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Rudder Grange Frank R. Stockton

Pomona takes a Bridal Trip

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"Have you had your bridal trip?" asked Euphemia.

"Oh yes!" said Pomona. "It's all over an' done with, an' we're settled in our house."

"Well, sit right down here on the steps and tell us all about it," said Euphemia, in a glow of delightful expectancy, and Pomona, nothing loth, sat down and told her tale.

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"You see," said she, untying her bonnet strings, to give an easier movement to her chin, "we didn't say where we was goin' when we started out, for the truth was we didn't know. We couldn't afford to take no big trip, and yet we wanted to do the thing up jus' as right as we could, seein' as you had set your heart on it, an' as we had, too, for that matter. Niagery Fall was what I wanted, but he said that it cost so much to see the sights there that he hadn't money to spare to take us there an' pay for all the sight-seein', too. We might go, he said, without seein' the sights, or, if there was any way of seein' the sights without goin', that might do, but he couldn't do both. So we give that up, and after thinkin' a good deal, we agreed to go to some other falls, which might come cheaper, an' may-be be jus' as good to begin on. So we thought of Passaic Falls, up to Paterson, an' we went there, an' took a room at a little hotel, an' walked over to the falls. But they wasn't no good, after all, for there wasn't no water runnin' over em. There was rocks and precipicers, an' direful depths, and everything for a good falls, except water, and that was all bein' used at the mills. 'Well, Miguel,' says I, 'this is about as nice a place for a falls as ever I see,' but--"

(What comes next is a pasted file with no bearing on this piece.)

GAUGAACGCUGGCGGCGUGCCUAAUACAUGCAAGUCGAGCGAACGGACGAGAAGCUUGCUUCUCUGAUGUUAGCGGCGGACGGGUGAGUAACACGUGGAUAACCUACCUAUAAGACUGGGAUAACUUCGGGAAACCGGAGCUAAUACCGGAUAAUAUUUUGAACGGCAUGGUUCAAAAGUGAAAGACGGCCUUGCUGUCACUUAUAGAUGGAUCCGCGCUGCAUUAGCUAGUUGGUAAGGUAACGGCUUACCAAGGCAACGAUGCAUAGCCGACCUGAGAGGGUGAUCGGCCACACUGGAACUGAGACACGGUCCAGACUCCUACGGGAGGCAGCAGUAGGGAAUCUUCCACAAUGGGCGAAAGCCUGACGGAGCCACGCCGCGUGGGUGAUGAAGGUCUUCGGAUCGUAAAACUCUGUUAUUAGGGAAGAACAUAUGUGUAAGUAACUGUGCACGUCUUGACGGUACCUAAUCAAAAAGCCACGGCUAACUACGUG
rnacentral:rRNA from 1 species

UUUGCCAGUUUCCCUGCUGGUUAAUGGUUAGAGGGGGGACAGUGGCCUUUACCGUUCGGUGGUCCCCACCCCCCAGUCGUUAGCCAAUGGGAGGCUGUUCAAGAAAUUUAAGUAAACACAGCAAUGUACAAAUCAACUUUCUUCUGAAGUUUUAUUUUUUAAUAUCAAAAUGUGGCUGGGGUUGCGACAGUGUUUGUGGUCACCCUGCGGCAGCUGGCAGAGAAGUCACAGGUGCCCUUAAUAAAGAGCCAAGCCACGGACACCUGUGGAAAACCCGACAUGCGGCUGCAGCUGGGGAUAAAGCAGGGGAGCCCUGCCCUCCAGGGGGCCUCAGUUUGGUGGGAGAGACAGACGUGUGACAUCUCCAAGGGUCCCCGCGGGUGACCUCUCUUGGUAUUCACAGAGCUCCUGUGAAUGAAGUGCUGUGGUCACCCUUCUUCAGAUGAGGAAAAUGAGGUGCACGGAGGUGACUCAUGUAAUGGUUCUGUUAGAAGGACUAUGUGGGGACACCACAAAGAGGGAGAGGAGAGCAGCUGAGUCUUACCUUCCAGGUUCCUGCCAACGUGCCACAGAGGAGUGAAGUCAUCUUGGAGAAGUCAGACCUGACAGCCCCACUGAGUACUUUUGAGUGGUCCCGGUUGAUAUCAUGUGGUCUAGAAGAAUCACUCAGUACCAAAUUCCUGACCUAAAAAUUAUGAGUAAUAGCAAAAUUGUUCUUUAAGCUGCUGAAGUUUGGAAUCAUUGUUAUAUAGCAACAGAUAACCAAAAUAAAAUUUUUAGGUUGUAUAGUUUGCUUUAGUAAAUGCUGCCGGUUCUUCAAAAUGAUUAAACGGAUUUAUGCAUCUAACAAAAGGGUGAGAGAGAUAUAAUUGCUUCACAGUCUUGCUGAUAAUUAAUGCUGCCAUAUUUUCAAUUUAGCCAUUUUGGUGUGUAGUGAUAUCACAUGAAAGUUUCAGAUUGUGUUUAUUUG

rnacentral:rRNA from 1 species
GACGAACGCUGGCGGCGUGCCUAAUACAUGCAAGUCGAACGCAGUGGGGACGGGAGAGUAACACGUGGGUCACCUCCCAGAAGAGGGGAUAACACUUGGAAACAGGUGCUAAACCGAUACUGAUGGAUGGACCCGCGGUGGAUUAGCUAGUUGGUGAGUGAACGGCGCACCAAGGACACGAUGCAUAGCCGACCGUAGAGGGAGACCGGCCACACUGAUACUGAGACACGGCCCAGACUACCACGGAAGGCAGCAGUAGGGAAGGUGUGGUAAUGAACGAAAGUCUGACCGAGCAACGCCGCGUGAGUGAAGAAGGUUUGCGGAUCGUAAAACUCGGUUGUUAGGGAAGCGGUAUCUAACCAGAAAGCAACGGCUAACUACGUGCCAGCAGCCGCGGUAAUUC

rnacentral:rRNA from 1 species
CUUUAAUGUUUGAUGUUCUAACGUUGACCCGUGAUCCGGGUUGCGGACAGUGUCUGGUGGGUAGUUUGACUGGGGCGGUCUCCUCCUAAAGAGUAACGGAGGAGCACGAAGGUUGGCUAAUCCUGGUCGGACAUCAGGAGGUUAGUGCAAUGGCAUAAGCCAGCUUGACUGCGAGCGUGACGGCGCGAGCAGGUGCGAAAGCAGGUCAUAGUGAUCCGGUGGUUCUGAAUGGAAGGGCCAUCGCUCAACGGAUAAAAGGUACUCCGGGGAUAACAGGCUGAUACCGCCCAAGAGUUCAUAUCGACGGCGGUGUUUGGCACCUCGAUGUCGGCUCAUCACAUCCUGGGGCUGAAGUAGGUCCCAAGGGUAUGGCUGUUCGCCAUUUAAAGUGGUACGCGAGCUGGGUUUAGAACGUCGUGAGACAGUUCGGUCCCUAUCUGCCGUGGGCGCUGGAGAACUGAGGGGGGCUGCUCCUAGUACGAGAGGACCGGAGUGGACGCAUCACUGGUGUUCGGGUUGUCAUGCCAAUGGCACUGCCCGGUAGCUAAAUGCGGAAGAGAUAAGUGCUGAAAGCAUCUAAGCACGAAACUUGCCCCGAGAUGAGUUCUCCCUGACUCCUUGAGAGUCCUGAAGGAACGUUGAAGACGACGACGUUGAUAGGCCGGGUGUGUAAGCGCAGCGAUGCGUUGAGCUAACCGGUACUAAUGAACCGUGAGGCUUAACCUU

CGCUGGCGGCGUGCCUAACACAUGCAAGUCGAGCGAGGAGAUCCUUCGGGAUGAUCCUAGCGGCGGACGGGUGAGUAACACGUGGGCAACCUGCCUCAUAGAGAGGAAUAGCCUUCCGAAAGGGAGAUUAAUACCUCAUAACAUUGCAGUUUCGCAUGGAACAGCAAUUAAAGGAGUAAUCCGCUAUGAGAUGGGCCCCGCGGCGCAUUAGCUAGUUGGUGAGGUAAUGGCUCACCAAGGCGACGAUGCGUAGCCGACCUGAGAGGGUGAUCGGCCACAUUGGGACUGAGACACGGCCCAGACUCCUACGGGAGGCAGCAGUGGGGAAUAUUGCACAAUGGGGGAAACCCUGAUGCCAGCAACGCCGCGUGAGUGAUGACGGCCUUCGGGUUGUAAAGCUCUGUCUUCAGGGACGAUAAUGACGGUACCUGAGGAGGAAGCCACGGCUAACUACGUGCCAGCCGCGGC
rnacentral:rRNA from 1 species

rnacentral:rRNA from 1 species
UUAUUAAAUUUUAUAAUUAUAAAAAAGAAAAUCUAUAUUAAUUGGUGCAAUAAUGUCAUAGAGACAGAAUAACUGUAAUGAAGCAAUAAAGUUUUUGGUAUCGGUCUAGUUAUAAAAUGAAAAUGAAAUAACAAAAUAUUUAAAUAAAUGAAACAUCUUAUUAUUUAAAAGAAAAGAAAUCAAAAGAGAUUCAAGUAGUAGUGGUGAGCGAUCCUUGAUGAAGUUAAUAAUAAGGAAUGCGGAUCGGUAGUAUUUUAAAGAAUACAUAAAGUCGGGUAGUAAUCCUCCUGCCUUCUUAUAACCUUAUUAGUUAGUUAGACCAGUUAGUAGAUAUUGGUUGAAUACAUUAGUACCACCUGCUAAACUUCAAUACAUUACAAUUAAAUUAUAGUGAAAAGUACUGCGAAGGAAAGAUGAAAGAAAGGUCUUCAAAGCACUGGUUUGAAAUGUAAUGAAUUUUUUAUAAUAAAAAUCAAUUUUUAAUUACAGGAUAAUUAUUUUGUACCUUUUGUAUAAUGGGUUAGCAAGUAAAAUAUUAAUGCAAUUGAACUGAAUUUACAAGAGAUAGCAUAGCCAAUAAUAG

"Miguel!" cried Euphemia. "Is that your husband's name?"

"Well, no," said Pomona, "it isn't. His given name is Jonas, but I hated to call him Jonas, an' on a bridal trip, too. He might jus' as well have had a more romantic-er name, if his parents had 'a' thought of it. So I determined I'd give him a better one, while we was on our journey, anyhow, an' I changed his name to Miguel, which was the name of a Spanish count. He wanted me to call him Jiguel, because, he said, that would have a kind of a floating smell of his old name, but I didn't never do it. Well, neither of us didn't care to stay about no dry falls, so we went back to the hotel and got our supper, and begun to wonder what we should do next day. He said we'd better put it off and dream about it, and make up our minds nex' mornin', which I agreed to, an', that evenin', as we was sittin' in our room I asked Miguel to tell me the story of his life. He said, at first, it hadn't none, but when I seemed a kinder put out at this, he told me I mustn't mind, an' he would reveal the whole. So he told me this story:

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Rudder Grange
Frank R. Stockton

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